January 27, 2015
Every single beer at the renowned Budějovický Budvar brewery is brewed in line with proud traditions. In order to meet demand from thirsty consumers around the world, modern equipment is necessary to transform the good water into liquid gold.
The heat and the strong odour of barley malt hit you like a wave the second you step inside. In the heart of the brewery, the brewer and his assistants move around the hall containing huge copper tanks and monitor every detail of the brewing process.
"For us, brewing beer is primarily about keeping the traditions and the old craftsmanship alive. We use only locally produced ingredients, and every step within the production is initiated by people. For example, our brewers still add all the hops by hand," says Peter Samec, PR Manager for Budějovický Budvar.
Beer has been brewed in the city of České Budějovice for more than 700 years, and the Budějovický Budvar brewery has existed since 1895. The famous light amber Premium Lager made here has never been more popular around the world than it is today. Sales reached 140 million litres in 2013. Such volumes mean modern and reliable technology is essential to support the traditional brewing methods.
Good beer requires high quality water. The brewery therefore has its own well, from which a Grundfos SP 95 pump draws water 300 meters below ground.
"The water below our brewery is very soft and contains very low levels of nitrates compared to water from the rest of the Czech Republic. This means it only needs to pass through a sand filter before we can distribute it throughout the brewery," explains Petr Samec.
Extra power through partnership
The Budějovický Budvar brewery acquired new pump equipment last year. The old pump system was replaced with a new Hydro MPC-E booster system, including six CRE 64 pumps.
"We brew beer 24 hours a day, so it is crucial that the pumps do not break down. Our old pumps operated very reliably with a minimum of maintenance for 17 years, so it was natural for us to continue our good partnership with Grundfos," says Jaroslav Suchan, manager of the brewery maintenance department.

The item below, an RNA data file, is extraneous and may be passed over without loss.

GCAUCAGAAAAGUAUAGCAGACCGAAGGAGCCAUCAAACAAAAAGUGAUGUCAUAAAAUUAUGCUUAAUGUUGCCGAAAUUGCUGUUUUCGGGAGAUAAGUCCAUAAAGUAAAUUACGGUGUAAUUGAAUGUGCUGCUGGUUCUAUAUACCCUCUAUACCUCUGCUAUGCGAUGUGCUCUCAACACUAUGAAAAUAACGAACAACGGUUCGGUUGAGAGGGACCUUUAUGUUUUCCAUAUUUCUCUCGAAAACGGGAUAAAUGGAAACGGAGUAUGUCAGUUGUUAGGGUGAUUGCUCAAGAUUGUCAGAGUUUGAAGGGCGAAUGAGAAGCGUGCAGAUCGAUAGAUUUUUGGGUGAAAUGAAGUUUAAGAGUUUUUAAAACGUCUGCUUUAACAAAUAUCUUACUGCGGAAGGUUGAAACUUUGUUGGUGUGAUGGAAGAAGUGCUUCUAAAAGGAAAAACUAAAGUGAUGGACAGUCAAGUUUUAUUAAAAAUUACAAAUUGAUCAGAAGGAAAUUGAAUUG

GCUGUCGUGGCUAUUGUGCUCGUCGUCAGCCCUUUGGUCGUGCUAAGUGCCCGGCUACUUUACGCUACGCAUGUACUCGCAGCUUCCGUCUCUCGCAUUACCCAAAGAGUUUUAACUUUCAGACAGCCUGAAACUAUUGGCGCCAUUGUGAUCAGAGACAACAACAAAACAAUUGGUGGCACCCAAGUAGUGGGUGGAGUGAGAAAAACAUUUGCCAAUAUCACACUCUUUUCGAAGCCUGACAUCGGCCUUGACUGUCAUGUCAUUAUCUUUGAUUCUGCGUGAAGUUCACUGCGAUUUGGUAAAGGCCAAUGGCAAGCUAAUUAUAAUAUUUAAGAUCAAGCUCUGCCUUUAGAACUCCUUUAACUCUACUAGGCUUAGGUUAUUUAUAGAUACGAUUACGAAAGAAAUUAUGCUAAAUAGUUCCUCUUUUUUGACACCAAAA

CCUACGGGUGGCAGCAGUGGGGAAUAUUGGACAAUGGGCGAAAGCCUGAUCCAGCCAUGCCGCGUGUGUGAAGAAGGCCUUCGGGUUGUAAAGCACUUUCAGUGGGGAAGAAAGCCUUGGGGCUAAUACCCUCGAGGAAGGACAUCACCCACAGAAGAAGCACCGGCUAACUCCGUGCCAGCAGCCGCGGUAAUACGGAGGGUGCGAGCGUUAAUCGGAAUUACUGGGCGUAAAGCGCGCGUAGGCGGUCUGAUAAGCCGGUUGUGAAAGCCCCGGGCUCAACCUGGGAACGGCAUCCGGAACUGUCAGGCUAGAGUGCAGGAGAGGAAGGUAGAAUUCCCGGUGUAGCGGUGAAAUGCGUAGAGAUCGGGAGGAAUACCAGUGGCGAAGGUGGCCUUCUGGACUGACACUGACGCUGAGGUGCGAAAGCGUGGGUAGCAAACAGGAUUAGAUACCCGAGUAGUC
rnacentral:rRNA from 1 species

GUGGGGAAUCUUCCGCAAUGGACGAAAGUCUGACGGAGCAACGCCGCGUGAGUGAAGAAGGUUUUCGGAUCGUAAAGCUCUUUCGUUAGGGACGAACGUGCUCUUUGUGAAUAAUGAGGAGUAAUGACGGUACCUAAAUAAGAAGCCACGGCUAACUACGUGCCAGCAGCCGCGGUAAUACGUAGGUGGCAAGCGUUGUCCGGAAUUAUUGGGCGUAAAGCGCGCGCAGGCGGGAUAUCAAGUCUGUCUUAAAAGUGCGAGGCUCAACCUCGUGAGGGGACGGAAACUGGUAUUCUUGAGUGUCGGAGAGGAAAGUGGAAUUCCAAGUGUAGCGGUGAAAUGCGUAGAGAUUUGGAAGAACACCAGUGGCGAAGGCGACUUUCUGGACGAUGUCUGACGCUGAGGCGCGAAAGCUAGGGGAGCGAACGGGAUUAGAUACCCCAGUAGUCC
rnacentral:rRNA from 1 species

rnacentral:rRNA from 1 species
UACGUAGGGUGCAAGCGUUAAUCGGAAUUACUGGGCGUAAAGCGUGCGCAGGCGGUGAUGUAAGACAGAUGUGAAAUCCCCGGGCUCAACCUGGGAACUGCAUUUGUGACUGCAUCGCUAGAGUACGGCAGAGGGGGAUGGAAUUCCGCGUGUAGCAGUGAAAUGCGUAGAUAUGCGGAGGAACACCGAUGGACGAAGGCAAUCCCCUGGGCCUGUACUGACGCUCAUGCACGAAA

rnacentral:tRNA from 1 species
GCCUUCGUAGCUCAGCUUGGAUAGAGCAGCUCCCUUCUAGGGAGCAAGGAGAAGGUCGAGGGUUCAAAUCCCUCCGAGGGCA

Sales Engineer Lubomir Nuc has worked for Grundfos in the Czech Republic since the company was founded. He was actually responsible for selling the old pump station to the brewery in 1997.
"It can be difficult to convince operators to replace something which is currently working. But in this case I used Pump Audit to demonstrate the real pattern in the water consumption. Given the success of the brewery, it may need the extra power offered by the new system in the near future," says Lubomir Nuc.
Taste is everything
The brewery has links to several iconic pubs in České Budějovice. One of which is Masné Krámy, where Czechs meet to eat, talk and enjoy the liquid gold. The pub sells all varieties of Budějovický Budvar, even a special Krausened Lager, which is based on such an active yeast that the beer has to be stored under 10°C and has a maximum shelf life of one month.
The majority of patrons at Masné Krámy probably do not give much thought to groundwater quality or hops being added by hand. But they no doubt appreciate that the liquid amber flowing from the bar taps is one of the finest lagers in the world – brewed just around the corner.